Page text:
Fed up of hearing the phrase - new normal? What if lockdown is the catalyst for a fashion forward future?
Covid-19 has hurt every sector financially, and the fashion industry is no exception. Lockdown has sent seismic ripples of change across our planet and no matter what your background, cultural, or financial position, perhaps the one thing to unite our global community, is a new found appreciation for making the best of what we have.
So, will a more considered approach to what we actually ‘need’ linger, or do the post lockdown queues at discount, fast fashion outlets show that old habits die hard?
Whether it be shunning lipstick for a mask, slouching about in your cosiest sweats, trying your hand at sourdough, gardening or DIY, all whilst juggling the day job and home schooling, we have all had to prioritise and re-evaluate what matters most.
Being forced to use up items in the back of our pantries, adapt shopping lists to what is available at the supermarkets, helping those who are less fortunate or self-isolating; each little sustainable shift, chips away at the hard worn consumerist in us all. Perhaps leaving behind a fuzzy glow that lasts longer than the endorphin high of a new purchase.
Being faced then with massive closets full
of ‘stuff’ and pondering over how we ever accumulated it all, leads us to
question why we need to keep consuming? Over the past 70 years, technology has
enabled us to live a life of convenience, however relying on finite resources
is no longer sustainable. Lockdown has shown us what happens to our planet when
we unplug and consume less; whilst the global economy has taken a nosedive, our
natural world has flourished.
Whilst our planet has evolved, so must we learn from its shifts and apply them to our own lives. Lack of demand may have brought many businesses to a crashing halt, but it has also given us the opportunity to reflect, research and re-evaluate our choices collectively. Perhaps this development of a fashion conscience, may drive demand for a more sustainable fashion model, leading industry hard hitters to simultaneously burn up and be reborn like the proverbial phoenix.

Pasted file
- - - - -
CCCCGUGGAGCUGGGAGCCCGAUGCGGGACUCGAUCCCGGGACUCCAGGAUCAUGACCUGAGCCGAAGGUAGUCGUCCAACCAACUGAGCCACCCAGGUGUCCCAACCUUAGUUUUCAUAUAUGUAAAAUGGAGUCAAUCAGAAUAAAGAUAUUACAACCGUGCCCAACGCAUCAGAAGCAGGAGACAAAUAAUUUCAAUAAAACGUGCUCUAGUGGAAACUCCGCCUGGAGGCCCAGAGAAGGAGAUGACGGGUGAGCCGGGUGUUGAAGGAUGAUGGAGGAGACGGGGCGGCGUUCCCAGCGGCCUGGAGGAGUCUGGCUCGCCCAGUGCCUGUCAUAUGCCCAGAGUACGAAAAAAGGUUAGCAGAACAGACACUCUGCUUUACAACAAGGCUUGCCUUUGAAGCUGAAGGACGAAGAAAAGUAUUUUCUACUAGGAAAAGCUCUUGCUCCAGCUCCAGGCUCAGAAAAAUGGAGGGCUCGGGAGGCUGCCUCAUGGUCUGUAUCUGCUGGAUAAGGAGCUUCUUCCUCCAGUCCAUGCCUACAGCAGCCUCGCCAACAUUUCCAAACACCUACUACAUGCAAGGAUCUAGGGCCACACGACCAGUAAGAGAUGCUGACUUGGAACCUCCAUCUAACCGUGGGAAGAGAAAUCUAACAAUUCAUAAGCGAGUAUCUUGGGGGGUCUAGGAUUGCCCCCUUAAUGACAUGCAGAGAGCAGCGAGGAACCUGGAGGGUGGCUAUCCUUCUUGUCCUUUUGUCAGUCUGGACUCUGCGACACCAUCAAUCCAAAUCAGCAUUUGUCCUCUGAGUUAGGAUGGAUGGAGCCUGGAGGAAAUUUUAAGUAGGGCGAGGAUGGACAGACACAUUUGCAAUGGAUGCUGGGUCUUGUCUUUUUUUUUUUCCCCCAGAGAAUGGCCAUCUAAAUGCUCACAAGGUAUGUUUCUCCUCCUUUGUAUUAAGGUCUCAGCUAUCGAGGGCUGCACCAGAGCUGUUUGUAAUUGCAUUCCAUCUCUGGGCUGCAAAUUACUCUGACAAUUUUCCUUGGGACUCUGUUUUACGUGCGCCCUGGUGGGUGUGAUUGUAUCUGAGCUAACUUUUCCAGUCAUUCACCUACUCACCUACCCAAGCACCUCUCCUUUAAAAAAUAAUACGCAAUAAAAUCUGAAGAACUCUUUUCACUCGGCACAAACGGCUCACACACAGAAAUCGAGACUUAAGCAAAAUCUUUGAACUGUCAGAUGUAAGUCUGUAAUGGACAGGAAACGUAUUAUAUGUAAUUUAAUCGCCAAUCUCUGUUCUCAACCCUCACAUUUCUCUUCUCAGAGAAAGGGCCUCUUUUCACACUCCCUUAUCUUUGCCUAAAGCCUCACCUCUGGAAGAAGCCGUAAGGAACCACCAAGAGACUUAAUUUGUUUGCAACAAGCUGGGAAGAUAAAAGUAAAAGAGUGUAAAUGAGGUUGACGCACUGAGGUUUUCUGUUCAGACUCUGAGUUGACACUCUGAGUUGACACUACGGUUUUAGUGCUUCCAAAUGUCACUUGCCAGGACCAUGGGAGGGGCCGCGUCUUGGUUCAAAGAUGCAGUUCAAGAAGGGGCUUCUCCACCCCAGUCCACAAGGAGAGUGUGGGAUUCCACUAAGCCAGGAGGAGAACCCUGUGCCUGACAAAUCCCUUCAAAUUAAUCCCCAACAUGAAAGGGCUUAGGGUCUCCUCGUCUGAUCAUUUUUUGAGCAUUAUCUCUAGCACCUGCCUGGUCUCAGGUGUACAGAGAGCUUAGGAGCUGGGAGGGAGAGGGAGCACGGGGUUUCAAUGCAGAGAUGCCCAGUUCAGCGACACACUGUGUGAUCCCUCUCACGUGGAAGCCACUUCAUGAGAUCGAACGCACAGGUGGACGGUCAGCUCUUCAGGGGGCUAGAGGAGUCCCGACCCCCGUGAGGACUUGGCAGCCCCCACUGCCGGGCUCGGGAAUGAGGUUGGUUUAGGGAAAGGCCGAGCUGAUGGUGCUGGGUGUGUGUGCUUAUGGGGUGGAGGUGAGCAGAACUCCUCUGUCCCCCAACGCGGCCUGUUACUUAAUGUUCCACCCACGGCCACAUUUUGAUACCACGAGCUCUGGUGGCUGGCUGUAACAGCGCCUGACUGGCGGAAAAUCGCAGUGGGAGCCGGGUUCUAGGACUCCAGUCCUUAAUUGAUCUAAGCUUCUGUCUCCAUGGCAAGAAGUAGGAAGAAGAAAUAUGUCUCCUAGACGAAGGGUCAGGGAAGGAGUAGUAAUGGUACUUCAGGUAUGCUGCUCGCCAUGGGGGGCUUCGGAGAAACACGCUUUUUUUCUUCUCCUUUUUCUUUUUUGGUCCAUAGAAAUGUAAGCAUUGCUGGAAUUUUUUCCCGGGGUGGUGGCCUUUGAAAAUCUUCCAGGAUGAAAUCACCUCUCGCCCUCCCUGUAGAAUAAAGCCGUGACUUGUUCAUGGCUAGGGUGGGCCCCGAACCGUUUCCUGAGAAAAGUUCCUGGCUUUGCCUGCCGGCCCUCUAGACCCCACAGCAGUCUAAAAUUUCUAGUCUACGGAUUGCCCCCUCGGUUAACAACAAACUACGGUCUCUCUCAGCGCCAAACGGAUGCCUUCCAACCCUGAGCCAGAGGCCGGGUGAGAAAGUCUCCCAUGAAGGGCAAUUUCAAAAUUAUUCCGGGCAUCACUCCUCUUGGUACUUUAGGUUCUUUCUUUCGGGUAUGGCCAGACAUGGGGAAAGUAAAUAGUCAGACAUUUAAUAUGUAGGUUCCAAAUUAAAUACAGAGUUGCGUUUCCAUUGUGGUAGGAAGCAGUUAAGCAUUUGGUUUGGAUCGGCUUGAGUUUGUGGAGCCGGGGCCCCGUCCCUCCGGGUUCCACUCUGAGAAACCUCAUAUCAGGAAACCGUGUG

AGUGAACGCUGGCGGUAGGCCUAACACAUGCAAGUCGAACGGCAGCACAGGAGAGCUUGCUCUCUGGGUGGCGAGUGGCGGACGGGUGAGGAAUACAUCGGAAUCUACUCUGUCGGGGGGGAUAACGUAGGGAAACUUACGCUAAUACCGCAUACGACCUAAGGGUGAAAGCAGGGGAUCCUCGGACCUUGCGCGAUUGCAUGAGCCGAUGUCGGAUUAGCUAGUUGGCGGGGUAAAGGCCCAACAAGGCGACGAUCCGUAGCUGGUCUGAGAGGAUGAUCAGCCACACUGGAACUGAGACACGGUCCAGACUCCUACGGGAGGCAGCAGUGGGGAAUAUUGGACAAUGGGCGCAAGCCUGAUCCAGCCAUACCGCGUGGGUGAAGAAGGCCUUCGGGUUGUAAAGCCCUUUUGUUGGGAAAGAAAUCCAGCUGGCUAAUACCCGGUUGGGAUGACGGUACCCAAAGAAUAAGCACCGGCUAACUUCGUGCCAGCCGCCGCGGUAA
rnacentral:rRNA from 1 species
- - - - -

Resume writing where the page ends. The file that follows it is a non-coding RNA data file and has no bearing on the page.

Sustainability is not an alien concept, over the course of the last five years, the biggest fashion brands have done their best to lighten our consumer guilt through clever advertising and canny marketing campaigns. But what may have appealed before lockdown, may no longer carry weight. In a climate of nailing your colours to the sticking post and huge public mistrust of pompous claims, so called greenwashing – the cynical marketing of superficial ethical practices – is a risky move that cannot be sustained.
In a recent Harper’s Bazaar article Chris Morton founder and CEO of global-fashion search engine Lyst said, “The way in which people interact with brands and shop for fashion is changing fast. The Covid-19 crisis is accelerating shifts that were already happening in our industry and catalysing further changes.”
Just as post war architecture, art and sexual liberation reflected a global change, so perhaps will post pandemic fashion. Having had the time collectively to ponder what it is that makes us happy, what role community has to play and how a digital business can thrive in lockdown, so too will we see a rise of sustainable designers and new ecopreneurs like us, determined to shake off the old and breathe fresh, clean air into the fast fashion industry.
Be it circular marketplaces of preloved, recycled or upcycled textiles, new technologies that minimise the impact of dyes and fabrics on our water systems, or streamlined workforces that are accountable and ethical, never has there been a bigger appetite for fashion to grow up and take responsibility.
If you’ve re-discovered an old favourite in the darkest corner of the wardrobe that has given a whole new lease of life to your basics, or braved a wardrobe detox and donated your ill-fitting jeans to a worthy cause, perhaps you’ve dusted off the sewing kit and repaired a much loved sweater? Whatever you’ve accomplished this lockdown, we’d love to share your stories and champion those who are making sustainable shifts.
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